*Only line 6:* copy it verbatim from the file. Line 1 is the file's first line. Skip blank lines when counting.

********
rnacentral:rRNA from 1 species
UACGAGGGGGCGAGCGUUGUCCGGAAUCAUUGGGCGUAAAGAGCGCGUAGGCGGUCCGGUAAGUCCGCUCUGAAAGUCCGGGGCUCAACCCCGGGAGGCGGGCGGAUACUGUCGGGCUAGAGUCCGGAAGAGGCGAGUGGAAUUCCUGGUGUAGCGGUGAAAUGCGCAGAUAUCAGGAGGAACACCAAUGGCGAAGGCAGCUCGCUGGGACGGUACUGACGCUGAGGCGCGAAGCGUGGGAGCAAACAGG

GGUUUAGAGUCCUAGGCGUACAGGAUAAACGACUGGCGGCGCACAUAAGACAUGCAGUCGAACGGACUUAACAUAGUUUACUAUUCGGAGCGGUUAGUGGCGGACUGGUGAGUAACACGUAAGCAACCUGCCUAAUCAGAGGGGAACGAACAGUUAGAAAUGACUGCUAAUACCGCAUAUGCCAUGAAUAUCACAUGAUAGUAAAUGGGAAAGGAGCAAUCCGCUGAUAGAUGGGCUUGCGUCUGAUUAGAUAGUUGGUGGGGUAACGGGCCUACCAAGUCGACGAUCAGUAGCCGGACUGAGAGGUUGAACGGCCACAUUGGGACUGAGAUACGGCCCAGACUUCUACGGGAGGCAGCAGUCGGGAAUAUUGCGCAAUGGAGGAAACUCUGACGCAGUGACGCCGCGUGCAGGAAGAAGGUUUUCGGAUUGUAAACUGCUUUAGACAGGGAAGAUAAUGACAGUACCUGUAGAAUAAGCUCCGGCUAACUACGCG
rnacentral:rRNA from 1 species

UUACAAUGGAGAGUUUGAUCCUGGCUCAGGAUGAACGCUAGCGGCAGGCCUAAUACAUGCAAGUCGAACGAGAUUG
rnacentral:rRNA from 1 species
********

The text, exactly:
rnacentral:rRNA from 1 species